What is a Kick-Out Clause and How Do You Use It?

Every real estate transaction involves risk, whether you are the buyer or the seller. And during a real estate transaction, either party can include specific contingencies to help mitigate some of the risks. Common contingencies may allow either party to back out of a contract if specified conditions are not met, such as:

  • A satisfactory home inspection
  • A home appraisal that meets the lender’s requirements
  • Final approval of the buyer’s home loan

If you’re thinking about or in the process of selling a home, another contingency worth considering to add is called a kick-out clause.

What is a kick-out clause?

A kick-out clause allows you to continue to market your home to other potential buyers even after accepting an offer from another buyer. Typically, this clause would be added when the homebuyer still needs to sell their current house in order to purchase your house. The kick-out clause makes it possible for you to kick that initial buyer’s offer out in case another, more preferable offer comes in from a second buyer.

It may seem like a harsh clause to include in a real estate transaction, but it can help protect both buyers and sellers. A kick-out clause can be particularly helpful in a seller’s market with little housing inventory and a lot of buyer demand.

How does a kick-out clause affect the buyer?

From the buyer’s perspective, there are both good and bad aspects to this clause.

The good: The kick-out clause prevents a buyer from carrying two mortgages since they must first sell their first house before buying another one. This may also help the buyer reconsider if they can afford the new home or if the new mortgage may be a stretch without a sizable downpayment.

The bad: A buyer could lose the house they want to another buyer with a better offer while they are waiting to sell their current house. In a hot real estate market, sellers may not want to accept a contingency with a kick-out clause.

How does a kick-out clause affect the seller?

From the seller’s perspective, a kick-out clause offers both good and bad points as well.

The good: The seller can continue to actively market their house, seeking a better offer. If a second offer does come in, the seller also maintains a strong negotiating position because there’s already an existing offer

The bad:  If the home seller chooses to use the kick-out clause and goes with an offer from another buyer, they risk that buyer backing out or the deal falling through. The seller would have to re-list the house, which can be time-consuming and further delay their ability to move on to their next home.

Why would a seller use a kick-out clause?

Real estate markets can favor the seller when there’s little inventory currently available in local housing markets and there are many buyers. It can also favor the buyer when there’s a lot of housing inventory and few buyers. The kick-out clause is used in both a buyer’s and seller’s market.

In a seller’s market, many buyers compete for available homes. A kick-out clause ensures that the seller is not stuck in a drawn-out home sale in a buyer’s market, it keeps the buyer from having to carry two mortgages if they have trouble selling their house.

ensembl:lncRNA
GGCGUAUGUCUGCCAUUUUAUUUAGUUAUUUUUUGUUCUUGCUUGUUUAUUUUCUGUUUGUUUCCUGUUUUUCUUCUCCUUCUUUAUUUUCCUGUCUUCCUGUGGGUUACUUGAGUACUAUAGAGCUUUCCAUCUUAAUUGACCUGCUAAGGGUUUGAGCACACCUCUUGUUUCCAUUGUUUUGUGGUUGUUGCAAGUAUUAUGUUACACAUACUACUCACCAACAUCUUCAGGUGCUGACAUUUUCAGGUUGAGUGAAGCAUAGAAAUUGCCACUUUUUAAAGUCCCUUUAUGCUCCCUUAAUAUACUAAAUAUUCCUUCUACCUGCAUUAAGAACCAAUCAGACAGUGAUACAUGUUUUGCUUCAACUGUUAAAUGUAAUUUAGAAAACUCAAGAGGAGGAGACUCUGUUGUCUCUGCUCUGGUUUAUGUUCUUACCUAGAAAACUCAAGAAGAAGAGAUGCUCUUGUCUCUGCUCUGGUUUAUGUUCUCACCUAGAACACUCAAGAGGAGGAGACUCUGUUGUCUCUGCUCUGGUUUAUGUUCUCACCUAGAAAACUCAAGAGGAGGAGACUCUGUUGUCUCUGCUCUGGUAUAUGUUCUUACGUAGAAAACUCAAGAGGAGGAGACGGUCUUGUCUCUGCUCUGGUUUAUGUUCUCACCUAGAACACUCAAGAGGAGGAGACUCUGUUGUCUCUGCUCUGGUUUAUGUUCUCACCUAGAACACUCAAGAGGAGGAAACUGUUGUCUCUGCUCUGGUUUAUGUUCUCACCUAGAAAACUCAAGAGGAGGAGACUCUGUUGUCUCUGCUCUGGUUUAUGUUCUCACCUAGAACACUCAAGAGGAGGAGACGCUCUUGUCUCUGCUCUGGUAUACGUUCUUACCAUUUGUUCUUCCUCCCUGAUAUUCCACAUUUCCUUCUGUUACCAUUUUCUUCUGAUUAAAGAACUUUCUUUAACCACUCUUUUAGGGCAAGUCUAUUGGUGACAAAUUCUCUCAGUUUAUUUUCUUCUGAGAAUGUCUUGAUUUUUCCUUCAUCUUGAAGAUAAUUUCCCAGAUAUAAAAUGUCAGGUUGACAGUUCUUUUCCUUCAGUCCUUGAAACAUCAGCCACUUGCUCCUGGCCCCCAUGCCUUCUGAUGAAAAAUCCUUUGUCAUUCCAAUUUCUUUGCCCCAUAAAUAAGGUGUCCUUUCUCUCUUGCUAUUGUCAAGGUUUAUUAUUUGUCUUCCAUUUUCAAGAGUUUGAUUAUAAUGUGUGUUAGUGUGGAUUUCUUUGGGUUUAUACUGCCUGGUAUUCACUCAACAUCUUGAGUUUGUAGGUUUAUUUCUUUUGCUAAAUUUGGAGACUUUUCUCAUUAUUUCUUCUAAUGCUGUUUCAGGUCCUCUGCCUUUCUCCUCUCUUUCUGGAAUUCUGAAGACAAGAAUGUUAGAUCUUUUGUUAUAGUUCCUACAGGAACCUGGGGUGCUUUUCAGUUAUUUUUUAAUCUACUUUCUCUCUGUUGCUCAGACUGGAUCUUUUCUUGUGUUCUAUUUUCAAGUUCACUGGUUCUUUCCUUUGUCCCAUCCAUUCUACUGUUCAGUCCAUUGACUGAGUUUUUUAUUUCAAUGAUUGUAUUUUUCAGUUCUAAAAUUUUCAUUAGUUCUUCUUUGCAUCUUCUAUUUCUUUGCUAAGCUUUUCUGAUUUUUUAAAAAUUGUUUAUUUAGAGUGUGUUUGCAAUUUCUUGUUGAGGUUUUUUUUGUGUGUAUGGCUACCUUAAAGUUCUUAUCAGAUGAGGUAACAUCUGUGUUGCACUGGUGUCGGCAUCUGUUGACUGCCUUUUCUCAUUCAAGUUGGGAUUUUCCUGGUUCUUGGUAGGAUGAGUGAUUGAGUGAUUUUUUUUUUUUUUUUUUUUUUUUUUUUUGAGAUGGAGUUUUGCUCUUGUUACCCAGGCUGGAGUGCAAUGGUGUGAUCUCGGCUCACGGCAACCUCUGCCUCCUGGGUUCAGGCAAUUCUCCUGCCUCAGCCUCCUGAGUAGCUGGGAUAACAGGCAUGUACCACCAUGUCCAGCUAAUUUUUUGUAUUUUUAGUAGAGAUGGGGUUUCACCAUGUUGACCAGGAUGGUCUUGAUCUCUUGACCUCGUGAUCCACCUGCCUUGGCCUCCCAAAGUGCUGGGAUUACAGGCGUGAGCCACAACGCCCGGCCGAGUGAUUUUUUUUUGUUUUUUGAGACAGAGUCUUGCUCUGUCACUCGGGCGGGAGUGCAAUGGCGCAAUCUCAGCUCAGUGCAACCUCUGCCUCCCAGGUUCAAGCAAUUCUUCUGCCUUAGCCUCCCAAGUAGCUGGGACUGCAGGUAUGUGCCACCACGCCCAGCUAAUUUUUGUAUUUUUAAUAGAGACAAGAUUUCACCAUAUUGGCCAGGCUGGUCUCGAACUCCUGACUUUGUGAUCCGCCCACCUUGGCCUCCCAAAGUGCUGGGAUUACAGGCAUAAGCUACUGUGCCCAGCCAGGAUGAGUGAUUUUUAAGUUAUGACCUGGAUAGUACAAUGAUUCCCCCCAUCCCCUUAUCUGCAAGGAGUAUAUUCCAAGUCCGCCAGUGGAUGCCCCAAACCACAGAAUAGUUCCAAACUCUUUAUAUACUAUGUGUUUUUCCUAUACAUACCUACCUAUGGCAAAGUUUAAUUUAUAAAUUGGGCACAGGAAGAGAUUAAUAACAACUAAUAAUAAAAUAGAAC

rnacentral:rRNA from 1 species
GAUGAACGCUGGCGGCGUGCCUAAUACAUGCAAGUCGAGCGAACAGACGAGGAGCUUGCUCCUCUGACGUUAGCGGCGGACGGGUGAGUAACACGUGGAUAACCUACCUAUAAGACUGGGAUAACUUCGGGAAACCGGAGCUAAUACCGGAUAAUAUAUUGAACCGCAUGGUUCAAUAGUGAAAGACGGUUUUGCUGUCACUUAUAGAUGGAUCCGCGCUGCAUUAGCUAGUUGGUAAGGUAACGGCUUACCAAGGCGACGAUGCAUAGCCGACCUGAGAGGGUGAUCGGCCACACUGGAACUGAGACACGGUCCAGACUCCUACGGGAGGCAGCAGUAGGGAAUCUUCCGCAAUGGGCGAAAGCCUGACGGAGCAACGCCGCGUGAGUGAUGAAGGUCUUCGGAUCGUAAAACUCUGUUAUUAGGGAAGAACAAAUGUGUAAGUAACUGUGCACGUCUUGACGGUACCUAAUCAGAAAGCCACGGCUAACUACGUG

How would a seller exercise a kick-out clause?

The seller must notify the first buyer in writing that they have a more favorable offer and are invoking the kick-out clause. This document will usually give a set timeframe (typically 72 hours) for the buyer to make a decision.

The buyer has two choices: 

  1. Remove the kick-out clause from their contract and purchase the property no matter what.
  2. Agree to be “kicked out” of the transaction and forfeit the home. If the buyer agrees to be “kicked out,” they often receive their earnest money back.

How to avoid a kick-out clause

As a buyer, finding the home of your dreams only to have it taken out from under you can be heartbreaking. To avoid the pain and loss of time invested in the deal, a buyer can take steps to avoid the need for a kick-out clause.

  • As a buyer, you can sell your house first and move into temporary housing, either a month-to-month rental or other short-term accommodations. You’ll already be in a good position to make an offer on the next house, with no need for a kick-out clause. Yes, there is an extra move involved, but you won’t get bumped from purchasing a home you love.
  • If you need the equity from your current home to buy the new home, there are workarounds. You can work with a third-party lender to provide bridge financing to underwrite your next home. When your first home sells, you can then pay the money back.

The problem with a kick-out clause

The main problem with a kick-out clause comes up during a seller’s market. An offer with a kick-out clause typically goes to the bottom of the pile of other offers. If a seller receives multiple competitive offers, any buyer’s offer with such a clause is unlikely to be considered.

The kick-out clause can protect both the buyer and seller from entering into a real estate deal that is not beneficial for either party. Depending on how long it might take for the buyer’s current home to sell, or the seller’s likelihood of receiving multiple offers without a kick-out clause, both buyer and seller have some thinking to do before proceeding with a transaction. Consult with your real estate attorney or real estate agent if you have any questions before deciding whether to use a kick-out clause.

Original Post – Redfin